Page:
This isn’t the only trouble the family has experienced over the years. Like others, they endured violent threats from grileiros (land thieves) in the 1990s.
“It was turning this area into an ecological station that saved us”, explained Zé Boi. “We have conflicts now with ICMBio [the federal conservation authorities] and they are now telling us we must leave [because of the creation of the preserve], but they brought us a real blessing by getting rid of the grileiros.”
While staying with Zé Boi and his family, I and two biologists from our team joined him on a visit to his castanhal, the area where he collects Brazil nuts. A short boat ride and an hour-long walk through the forest, accompanied by the the sound of birds, insects and occasional monkeys, got us there. On the way, Zé Boi pointed out and named trees we passed, telling us their uses, often as a cure for common ailments.
I noticed that the bark of some trees had been scraped off. Zé Boi told us this was the work of tapirs. Biologist Ricardo Scoles, added to the natural history lesson, explaining that the animals “need salt and their stomachs are adapted to absorb bark,” much like North America’s porcupines.
When we reached the castanhal, we found that many ouriços (nutcases, the size of small beach balls, but far harder) had fallen to the ground. Zé Boi warned that there were many more still hanging on the tree far above us.
“I’ll keep an eye on the weather”, he said. “They fall most often when there is a heavy shower of rain and then the sun comes out.” Zé Boi is right to be cautious: many locals have been injured by a blow on the head from a plummeting ourico.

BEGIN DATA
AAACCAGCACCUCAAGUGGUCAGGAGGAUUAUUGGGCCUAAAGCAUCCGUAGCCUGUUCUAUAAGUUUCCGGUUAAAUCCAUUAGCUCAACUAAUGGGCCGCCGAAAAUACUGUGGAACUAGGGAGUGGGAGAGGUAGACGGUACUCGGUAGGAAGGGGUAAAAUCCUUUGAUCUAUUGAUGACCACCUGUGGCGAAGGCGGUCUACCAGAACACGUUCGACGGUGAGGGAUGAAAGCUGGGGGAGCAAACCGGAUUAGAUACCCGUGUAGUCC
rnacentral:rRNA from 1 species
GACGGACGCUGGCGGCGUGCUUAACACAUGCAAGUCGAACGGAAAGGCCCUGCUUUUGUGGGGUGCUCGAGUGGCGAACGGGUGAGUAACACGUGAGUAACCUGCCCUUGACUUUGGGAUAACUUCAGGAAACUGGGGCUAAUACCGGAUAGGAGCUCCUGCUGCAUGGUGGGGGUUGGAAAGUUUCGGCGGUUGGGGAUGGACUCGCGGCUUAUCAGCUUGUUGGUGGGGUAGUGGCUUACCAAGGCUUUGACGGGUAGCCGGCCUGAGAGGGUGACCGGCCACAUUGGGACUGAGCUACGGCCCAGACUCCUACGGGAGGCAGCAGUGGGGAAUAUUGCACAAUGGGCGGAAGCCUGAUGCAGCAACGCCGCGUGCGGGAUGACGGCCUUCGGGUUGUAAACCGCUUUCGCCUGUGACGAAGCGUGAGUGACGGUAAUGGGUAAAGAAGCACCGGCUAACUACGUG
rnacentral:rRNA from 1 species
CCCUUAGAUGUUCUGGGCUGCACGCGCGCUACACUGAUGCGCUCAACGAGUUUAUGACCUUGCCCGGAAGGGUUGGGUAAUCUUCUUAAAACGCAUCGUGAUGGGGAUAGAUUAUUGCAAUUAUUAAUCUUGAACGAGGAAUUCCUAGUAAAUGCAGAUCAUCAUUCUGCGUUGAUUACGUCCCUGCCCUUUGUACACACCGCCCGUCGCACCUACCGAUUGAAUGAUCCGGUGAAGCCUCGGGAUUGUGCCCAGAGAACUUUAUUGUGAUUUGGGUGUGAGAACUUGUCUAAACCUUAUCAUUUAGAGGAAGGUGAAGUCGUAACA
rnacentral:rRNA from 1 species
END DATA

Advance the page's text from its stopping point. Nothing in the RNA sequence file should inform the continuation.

We were particularly careful near a large, spreading tree called a milouriços (1,000 ouriços). “Can it really carry that number of ouriços in a single harvest?” I asked. “Not every year,” Zé Boi responded. “And I think this year will be poor —but often it has more.” Quite incredible to see such a prolific tree.
Zé Boi pointed to a neat hole bored into some ouriços on the ground. “It was an agouti that did that”, he said. “No other animal has sharp enough teeth.”
When I asked if he was afraid the agoutis would damage the harvest, he shook his head. “We always wait until the river has risen a bit more, so we can take our boat down a creek and get nearer the castanhal”, he said. “The agoutis take what they need first and we take the rest. There is enough for us all.”
Ricardo explained that, when the agoutis have had their fill, they dig holes and bury the remaining nuts to eat later. But, just like squirrels, they often forget where they have buried them, thus helping to scatter the trees.
“Humans have played a role too”, he added. “We don’t yet know the extent of human involvement in the distribution of useful trees and other plants [in the Amazon], though we are certain that they played a role. There’s a lively debate on this issue between biologists, anthropologists and archaeologists.”
This long-occurring interaction between forest and people debunks the facetious claim made in the 1970s by the military government that the Amazon was “a land without men” needing to be colonized by wealthy Brazilian urbanites looking to make a quick profit on cattle, logging and mining.
Forced to leave the land they care for?
A few days later we visited the homes of some colonos (settlers). Peasants from various parts of Brazil, they began migrating to the Iriri River valley in the 1990s. In this particular case, the settlers had occupied plots of land beside a road going from the Iriri River to a cassiterite (tin) mine, operated by the Canopus mining company, a subsidiary of Rhodia, a multinational chemicals manufacturer.
When the Brazilian government officially established the 3.4 million hectare (13,000 square mile) ecological station, known as Estaçāo Ecológica da Terra do Meio (EsecTM) in the early 2000s, they launched a major crackdown on the illegal deforestation being perpetrated by large scale ranchers and farmers and land thieves within the preserve.